Not understanding what made him scared, I enquired, “Tell me, what do you see exactly?”
“A young lady, eighteen years old. Blood spilling out of her head, drenching her clothes,” Kevin answered while his hand clung tightly to the fabric.
My eyes bounced back and forth between the man and the empty corner, and I tried to pull him out of the covering. “But there’s nothing there, Kevin. It’s all in your head.”
“No, I could see her. I could see her haunting me, piercing me with her blue eyes,” refuting me, Kevin’s breath turned haggard. A sniffle could be heard under the wrapping, overlapping with the screaming coming out of his lips, “I want her gone. I want her away from me!”
I let out a sigh. “Then, forgive yourself, Kevin. Trust me, when you do that, she’ll be gone.”
It was then the muffled cry gradually disappeared.
The man who kept hallucinating about his dead girlfriend, the one who believed he was haunted by the ghosts, then flipped the blanket. His head peeked out of his safe bundle, trying his best to embrace the reality.
The almond-shaped eyes which glanced away from the ceiling, focused on the TV in front of the couch, watching the shows I had put on. The same pupils whose corners curved downwards as we reached the time for me to go back home.
The guy who begged me to stay, stating that he needed me around to continue on living in sanity. The scared young adult who thought the dead would be back as the night deepened, and how he wouldn’t be able to ignore it if he was alone.
The same pleas he uttered in the next couple of months, the ones allowing me to stay in the apartment building for a long, long time.
Teal is a tranquil colour. Once you look deeper into it, you’ll realize how it promotes restfulness, while giving out a calming sensation to your mind and spirit. And it was similar to Kevin these days, about a year after our fateful meeting at the bridge.
The person who was able to leave his trauma aside, regaining his beautiful smile. The same smile, complemented with dimples on his cheek, that registered a warmth in my heart every time I came over to the apartment.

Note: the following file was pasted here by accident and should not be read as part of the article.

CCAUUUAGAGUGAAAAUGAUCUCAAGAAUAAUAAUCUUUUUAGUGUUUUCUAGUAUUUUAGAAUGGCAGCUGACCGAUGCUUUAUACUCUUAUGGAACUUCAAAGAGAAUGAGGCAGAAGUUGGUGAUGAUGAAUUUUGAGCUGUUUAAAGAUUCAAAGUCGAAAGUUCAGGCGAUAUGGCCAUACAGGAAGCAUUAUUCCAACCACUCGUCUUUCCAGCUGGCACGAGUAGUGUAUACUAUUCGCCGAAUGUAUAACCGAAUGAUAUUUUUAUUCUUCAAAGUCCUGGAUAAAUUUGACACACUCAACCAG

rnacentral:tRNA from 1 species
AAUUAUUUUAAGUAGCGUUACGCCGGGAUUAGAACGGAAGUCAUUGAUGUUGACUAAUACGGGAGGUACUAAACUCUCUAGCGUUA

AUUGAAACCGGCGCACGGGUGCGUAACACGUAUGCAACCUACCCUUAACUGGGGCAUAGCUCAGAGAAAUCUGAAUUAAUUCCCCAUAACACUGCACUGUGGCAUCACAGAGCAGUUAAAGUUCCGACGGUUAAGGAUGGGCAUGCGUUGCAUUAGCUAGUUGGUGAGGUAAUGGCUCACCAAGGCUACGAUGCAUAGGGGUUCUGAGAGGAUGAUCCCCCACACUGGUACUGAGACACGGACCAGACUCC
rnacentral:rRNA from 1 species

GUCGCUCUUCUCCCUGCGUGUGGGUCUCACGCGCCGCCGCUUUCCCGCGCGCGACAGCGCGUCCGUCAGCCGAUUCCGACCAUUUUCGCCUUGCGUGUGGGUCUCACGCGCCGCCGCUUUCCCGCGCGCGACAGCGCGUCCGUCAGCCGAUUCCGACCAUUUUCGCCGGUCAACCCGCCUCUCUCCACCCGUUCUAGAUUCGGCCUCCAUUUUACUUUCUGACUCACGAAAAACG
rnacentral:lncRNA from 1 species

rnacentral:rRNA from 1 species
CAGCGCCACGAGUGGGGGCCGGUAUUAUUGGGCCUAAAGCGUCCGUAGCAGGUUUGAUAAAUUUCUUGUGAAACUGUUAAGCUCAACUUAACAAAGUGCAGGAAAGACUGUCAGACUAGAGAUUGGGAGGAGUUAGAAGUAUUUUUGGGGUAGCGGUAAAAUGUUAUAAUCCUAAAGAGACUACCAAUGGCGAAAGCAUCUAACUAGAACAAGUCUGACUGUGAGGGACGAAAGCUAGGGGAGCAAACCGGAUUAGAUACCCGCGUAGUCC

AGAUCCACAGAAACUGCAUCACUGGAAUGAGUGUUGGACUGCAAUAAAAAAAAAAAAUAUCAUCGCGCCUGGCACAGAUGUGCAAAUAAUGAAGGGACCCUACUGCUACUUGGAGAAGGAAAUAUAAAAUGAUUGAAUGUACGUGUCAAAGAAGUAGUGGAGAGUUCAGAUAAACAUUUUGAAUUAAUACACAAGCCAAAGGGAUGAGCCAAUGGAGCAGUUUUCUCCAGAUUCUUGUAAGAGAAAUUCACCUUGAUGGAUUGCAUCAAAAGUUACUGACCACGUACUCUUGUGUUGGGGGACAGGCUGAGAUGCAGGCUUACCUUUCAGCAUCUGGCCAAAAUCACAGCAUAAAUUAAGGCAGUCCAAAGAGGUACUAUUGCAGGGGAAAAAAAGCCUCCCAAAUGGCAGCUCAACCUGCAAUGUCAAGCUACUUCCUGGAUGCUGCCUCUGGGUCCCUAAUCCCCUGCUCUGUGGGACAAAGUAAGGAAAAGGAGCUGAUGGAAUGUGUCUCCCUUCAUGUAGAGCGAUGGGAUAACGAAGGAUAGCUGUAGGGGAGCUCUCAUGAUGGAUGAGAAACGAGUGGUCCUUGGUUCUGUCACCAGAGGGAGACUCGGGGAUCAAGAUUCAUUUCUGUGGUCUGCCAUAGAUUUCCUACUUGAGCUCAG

“Hey,” Kevin waved his hands, welcoming my arrival. However, unlike his usual pajamas, he was clothed in a formal button-up shirt.
“Hey…, are you going somewhere?” I squinted at the man in front of me.
In return, Kevin wrapped his arms around my shoulder. “Let’s go to the community park. I want some fresh air.”
My mouth circled up into a big O. He had never wanted to go out of his place throughout the year, confessing that he was still wary of cars after the life-changing incident. Hence, this request of his took me by surprise, yet I was happy he forced himself out of his comfort zone. And so, I willingly walked with him on the side of the road, reaching the yard full of blossoming trees.
I sat down on the wooden bench, just beside the kids’ playground. My eyelids were zipped tight, and I basked in the sun. It was then, Kevin called out my name.
I put my face away from the sunshine, only to find him kneeling in front of me. His fingers fumbled the inside of his jacket, then stretched up a small suede box. In the split second, I covered my mouth with my palms, and a thought popped up in my head.
Is this what I think it is?
The man then smiled widely, and as if he could read my mind, he uttered the big question.
“Will you marry me?”
The question that made me jump in excitement.
The question that made my head nodding frantically.
The long-awaited words that made joyful tears run down my cheek.
The guy who then put the diamond ring into my finger, became my fiancee.
The guy who I had longed for eight whole years, the love which I thought ended back in high school.
The teal-like man who changed for the better, and from now on, would be my happily ever after.